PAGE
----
Another example is when I was around 25 I was at the doctors yet again and the doctor was in complete shock that no body had noticed how screwed up my tonsils were. He said I should have had a tonsillectomy 10 years earlier. After the surgery he said that they were the worst tonsils he had ever removed and it was a wonder I hadn't died from the infections I had. Apparently there is some secret way you are supposed to act for people to take you seriously that you are deathly sick. Good thing I am still alive to have finally realized this. I still don't know what the secret to looking authentically sick but damn it now if I am sick I will punch the walls until someone believes me and takes me to the hospital, I don't care if it's socially ignorant because not believing someone when they say they are very sick is socially ignorant.

    Haha. sorry for my comments en masse. I am not venting at you, just at the world at large. :) I really like your post.

  3. I think I've been gaslighted a lot in terms of my emotions. When I was a kid, the fact that I was often emotional about things was often treated as pathological. If I was upset about being teased, it was my fault for being 'too sensitive', and so on.

    To this day I hate being called 'sensitive' and I also hate it when someone apologizes by saying, "I'm sorry you took X the wrong way."

    But anyway, the net effect was that for a long time I often felt like I didn't have the right to feel whatever it was I was feeling. Which is just wrong.

  4. You put into words a lot of what I've been thinking about lately.


    Just discovered this term in the last few days. It could encompass alot of things in my life. Some one said that gaslighting does not have to be done on porpose, but the affect is not any less painfull. Would love to read/know more. Esspecially when trying to deal with someone who does this but is really unable to comprehend the act or the damage it does.

    1. Love how you portray the "good guy" gaslighter on this thread while purposefully mispelling words in an attempt to capture the attention of your gaslightee. ;) ,

    2. hey Anonymous.....if you think people misspell on purpose , you are a manipulative gaslighter and should see psychiatrist because if not,you will never know how to love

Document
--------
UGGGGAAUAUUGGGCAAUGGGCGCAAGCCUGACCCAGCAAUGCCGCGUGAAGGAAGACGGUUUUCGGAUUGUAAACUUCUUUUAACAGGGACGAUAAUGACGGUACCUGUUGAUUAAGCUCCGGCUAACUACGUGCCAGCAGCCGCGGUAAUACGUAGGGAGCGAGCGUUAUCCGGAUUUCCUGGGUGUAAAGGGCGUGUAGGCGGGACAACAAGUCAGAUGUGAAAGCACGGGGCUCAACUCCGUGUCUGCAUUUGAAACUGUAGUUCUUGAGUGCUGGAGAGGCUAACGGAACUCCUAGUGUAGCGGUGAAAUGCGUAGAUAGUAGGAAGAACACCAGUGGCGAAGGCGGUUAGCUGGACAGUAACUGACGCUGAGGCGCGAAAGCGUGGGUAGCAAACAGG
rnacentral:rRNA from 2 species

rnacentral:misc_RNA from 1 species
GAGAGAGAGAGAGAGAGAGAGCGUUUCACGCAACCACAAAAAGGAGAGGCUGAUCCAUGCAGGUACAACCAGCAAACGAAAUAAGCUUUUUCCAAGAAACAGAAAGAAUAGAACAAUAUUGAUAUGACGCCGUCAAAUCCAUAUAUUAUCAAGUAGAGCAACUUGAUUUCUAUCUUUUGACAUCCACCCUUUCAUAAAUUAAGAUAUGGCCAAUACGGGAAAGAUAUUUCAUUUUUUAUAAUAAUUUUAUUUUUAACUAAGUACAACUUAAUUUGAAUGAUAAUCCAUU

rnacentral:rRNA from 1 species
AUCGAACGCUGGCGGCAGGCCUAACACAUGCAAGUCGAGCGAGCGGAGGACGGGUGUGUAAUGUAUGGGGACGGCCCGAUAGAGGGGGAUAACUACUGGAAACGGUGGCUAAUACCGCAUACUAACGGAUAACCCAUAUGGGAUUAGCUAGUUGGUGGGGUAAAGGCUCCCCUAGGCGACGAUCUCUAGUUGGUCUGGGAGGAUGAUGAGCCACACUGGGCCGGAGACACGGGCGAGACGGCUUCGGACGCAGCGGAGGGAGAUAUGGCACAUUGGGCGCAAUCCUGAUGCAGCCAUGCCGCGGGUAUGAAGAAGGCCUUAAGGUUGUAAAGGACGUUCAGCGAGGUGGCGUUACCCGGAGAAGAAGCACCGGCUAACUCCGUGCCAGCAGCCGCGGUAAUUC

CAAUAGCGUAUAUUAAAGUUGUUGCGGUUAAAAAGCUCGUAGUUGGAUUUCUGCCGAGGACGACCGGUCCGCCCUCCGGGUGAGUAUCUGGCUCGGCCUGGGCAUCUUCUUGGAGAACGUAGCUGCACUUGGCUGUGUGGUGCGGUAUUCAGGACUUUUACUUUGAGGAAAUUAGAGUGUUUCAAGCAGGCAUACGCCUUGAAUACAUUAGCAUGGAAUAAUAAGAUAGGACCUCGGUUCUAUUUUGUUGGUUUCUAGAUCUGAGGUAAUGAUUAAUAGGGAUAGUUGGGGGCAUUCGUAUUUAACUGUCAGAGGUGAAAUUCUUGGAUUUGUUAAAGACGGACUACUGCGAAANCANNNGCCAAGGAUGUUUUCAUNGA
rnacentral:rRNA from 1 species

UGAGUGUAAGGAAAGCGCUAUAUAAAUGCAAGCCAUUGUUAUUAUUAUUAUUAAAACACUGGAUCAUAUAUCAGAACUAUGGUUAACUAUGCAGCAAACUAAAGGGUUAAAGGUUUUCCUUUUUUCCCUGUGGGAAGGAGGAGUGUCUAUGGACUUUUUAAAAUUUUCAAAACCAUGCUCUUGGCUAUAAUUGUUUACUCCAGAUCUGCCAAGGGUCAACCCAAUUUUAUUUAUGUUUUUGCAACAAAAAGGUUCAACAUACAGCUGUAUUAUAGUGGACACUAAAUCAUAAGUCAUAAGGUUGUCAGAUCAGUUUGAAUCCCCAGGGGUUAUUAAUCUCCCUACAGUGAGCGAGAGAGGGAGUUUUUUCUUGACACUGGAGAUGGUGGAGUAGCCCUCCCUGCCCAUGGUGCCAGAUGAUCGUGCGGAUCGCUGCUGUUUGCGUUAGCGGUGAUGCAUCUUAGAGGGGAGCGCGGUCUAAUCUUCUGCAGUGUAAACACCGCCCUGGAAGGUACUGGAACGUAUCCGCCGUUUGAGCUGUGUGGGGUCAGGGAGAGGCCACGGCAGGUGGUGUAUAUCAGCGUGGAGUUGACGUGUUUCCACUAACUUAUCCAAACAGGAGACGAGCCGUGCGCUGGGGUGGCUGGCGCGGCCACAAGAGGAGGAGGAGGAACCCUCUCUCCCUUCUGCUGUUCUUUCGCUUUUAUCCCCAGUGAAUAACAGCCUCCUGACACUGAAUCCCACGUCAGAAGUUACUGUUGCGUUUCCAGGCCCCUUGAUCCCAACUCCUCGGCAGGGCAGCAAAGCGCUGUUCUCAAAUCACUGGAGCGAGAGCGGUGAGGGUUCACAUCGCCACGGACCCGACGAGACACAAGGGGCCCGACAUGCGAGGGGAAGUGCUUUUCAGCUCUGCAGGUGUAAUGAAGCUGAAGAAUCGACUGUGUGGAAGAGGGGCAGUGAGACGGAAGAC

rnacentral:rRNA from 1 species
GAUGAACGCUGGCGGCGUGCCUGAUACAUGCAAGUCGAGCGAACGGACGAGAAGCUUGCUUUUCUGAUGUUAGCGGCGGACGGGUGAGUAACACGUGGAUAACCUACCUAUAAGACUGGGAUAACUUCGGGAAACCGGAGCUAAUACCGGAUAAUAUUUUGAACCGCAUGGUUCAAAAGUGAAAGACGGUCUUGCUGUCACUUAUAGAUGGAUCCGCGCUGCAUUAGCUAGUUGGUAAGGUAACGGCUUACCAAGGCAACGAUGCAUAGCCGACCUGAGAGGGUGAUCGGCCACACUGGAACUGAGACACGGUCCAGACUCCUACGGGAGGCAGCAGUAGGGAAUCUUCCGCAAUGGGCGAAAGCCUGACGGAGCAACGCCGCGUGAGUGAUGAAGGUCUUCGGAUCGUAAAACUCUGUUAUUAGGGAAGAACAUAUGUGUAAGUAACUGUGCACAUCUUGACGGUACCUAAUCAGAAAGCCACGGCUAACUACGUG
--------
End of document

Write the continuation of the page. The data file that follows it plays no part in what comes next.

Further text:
6. #3 multicult gaslighters method.

  7. In my case the gaslighter is my husband. After we had an argument during which he became dangerously physically abusive and threatened to kill me, I reacted by throwing objects out of the window trying to get him to stop. We were on a houseboat in the middle of the ocean. My life was in danger not even a scream would help. Seeing me tossing things overboard, he left in the boat. I took a strong sleeping pill, thinking the crisis was over. I awoke to find four burly men in my bedroom. One had a syringe. He wanted to sedate me (already sleeping!) They were to take me away on my husband's orders and his lies that I was an unbalanced borderline. It was one of the most terrifying moments of my life. He did not tell them what he had done. The men left when I fell asleep again overcome by the sleeping pill. Since then he has called me senile repeatedly and accused me of things I have not done - silly things such as putting out oats for the seabirds who have no interest in eating oats! He gives me incorrect dates and then tells me I am losing my mind. A friend pointed out this is gas lighting. I was so relieved to know it has a name. Now in retrospect I can see times he has tried to make me appear insane to his family and friends. I am getting out!!!

    1. Wow, that is really scary. Good luck.

    2. Thank you Amanda. All the best for 2016.